The above figure also shows the effect of compression JPEG ( 4:1:1 ) that can be applied to the image being transmitted. O KG permite ajustar a compressão entre 0,07 a 2. The KG lets you adjust the compression of 0.07 to 2. Less compression ensures best image quality but results in a transmission longer. In the right image you can see the degradation due to increased compression.
The KG transmits images of 320 by 240 pixels. For this, simply drag and drop an image file (BMP or JPG format only, with at least 320×240, and the image will be adjusted (reduced) and cut if necessary, to 320×240) for the image window KG.
Just choose the type of modulation, with or without convolutional code , and adjust the compression in the three menus next to the button image transmission.
As in DIGTRX EASYPAL and it is possible to correct erroneous blocks via BSR (Send Request Block). A vertical cursor allows you to adjust audio output of your sound card. The received image can be automatically saved if “AtSave” is checked. In this case, it will be saved in the AutoSave folder which is inside the folder where you installed KG. This installation is extremely simple and does not change the Windows registry.
. The pass also allows KG short texts of up to 510 characters, using the text window and press the “Send Text”.
As broadcast on FM frequency does not change the audio, simply adjust the levels of TX and RX to have an eye diagram as open as possible. Already in SSB, the tuning of the receiver is very important, but it is easy to do, simply focus the eye vertically. Each vertical division of the diagram is equivalent to 150 Hz The following figure shows the effect of the error tuning of the receiver:
More technical data:
Error Correction: With or without Code Viterbi K = 7 convolutional
Sequence timing: 63 bits:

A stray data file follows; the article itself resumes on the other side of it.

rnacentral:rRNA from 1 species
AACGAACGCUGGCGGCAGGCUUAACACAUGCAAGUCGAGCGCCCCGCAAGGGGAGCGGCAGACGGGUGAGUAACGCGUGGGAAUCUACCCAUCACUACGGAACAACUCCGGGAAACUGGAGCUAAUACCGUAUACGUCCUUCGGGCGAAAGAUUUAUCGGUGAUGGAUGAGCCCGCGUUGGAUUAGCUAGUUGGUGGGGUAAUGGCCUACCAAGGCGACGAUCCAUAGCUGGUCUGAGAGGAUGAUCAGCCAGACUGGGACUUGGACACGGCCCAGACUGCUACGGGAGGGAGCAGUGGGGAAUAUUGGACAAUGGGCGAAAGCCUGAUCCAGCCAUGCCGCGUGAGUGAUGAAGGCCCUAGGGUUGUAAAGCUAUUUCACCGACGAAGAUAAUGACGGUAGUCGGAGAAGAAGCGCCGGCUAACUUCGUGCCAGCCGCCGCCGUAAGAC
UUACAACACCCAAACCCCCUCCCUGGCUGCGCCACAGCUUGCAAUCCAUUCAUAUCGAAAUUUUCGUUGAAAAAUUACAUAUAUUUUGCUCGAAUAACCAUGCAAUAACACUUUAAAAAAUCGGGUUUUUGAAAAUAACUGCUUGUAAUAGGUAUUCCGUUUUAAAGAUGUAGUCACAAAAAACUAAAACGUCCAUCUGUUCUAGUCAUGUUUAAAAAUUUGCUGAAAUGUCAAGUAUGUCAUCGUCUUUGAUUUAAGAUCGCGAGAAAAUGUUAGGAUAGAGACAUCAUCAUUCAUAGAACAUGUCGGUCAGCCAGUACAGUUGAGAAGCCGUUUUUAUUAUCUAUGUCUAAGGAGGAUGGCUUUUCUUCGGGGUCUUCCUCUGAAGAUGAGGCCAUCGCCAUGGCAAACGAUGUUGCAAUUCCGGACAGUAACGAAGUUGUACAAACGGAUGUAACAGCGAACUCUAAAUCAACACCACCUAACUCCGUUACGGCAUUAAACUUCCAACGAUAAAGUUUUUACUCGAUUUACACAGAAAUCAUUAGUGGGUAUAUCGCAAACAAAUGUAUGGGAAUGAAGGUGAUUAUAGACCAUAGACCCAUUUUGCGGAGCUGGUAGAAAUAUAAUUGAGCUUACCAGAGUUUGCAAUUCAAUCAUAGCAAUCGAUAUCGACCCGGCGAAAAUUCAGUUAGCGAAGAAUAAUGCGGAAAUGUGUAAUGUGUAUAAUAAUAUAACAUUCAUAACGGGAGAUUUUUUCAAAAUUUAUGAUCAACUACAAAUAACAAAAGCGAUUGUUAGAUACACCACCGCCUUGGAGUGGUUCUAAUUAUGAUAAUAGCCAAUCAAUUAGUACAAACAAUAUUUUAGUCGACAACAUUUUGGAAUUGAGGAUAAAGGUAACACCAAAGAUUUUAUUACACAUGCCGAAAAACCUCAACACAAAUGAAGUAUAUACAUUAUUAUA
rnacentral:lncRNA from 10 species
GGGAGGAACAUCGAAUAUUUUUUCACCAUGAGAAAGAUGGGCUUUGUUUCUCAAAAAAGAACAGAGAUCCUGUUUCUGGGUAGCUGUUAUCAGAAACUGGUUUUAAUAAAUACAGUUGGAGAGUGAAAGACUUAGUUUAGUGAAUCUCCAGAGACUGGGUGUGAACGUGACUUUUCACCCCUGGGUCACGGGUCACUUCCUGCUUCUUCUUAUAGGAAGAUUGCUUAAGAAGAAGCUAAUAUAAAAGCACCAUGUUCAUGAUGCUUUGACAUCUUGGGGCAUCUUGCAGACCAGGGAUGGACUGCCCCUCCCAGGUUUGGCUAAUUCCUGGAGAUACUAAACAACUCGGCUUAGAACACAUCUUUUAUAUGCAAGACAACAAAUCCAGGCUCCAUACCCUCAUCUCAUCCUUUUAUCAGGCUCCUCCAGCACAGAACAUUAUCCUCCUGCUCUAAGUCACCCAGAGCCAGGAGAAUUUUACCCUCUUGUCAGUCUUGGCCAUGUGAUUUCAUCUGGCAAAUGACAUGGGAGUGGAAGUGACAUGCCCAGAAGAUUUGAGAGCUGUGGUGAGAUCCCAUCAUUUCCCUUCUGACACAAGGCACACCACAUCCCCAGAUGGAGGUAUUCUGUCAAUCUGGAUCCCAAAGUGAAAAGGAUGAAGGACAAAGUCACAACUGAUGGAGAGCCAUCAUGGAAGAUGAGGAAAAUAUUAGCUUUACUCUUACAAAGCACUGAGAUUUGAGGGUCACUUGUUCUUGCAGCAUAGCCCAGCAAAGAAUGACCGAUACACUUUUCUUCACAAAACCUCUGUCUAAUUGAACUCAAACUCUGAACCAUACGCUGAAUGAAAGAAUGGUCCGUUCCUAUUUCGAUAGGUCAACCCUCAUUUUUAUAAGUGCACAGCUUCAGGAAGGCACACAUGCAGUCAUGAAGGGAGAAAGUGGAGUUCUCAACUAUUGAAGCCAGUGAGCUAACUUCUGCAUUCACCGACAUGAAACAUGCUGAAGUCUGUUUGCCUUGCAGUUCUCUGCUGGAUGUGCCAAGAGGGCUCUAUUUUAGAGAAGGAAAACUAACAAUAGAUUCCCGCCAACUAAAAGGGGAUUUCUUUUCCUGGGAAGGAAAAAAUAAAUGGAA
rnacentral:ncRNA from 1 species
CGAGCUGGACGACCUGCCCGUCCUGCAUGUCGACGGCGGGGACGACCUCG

Scrambling: pseudo random sequence of 127 bits:
Error detection: CRC 16 bits
Header: repetitive sequence of 256 bits Configuração: Informações de codificação com 54 bits + bloco de dados de comprimento variável Setting: Information encoding with 54 bits + block of variable length data
The 54 bits are:
ssys: system 4-bit code, for: 4-bit command code, c: Coding Mode bit 1, m: 1-bit modulation mode, x: pixel position (X) 6 bits, y: pixel position (Y) 6 bits, sc: JPEG Size Scale 4 bits, size: data size (block size of data) 12 bit CRC: 16 bit Error Detection Code
The eye diagram
The eye diagram is a picture of the waveform view of an oscilloscope, digital signal demodulator and passed through a Nyquist filter, and the timing of the sweep of the oscilloscope made by the extracted clock signal. So is the superposition of several strings of data. The superposition of several “0” with a number “1” creates an image similar to a human eye, for a binary signal. That’s because the digital signal original square is “rounded” by the Nyquist filter, whose main purpose is to limit the bandwidth occupied by the digital signal, which, if the original square, would be infinite. The upper and lower points of intersection of the waves corresponding to the binary level “1” and “0” respectively, to a two signal levels. The presence of noise and intersymbol interference (ISI) produces eye closure. Therefore, the eye diagram is a practical way to verify and evaluate the quality of digital transmission. The closing of the eye in the vertical (V in the figure above) is due to amplitude variations, while the horizontal lock (H in the figure above) is due to variations in phase (jitter) and the characteristic roll-off filters. The white noise, and ISI for example, cause the closure in both directions (as can be seen in the figure above MSK signal with noise).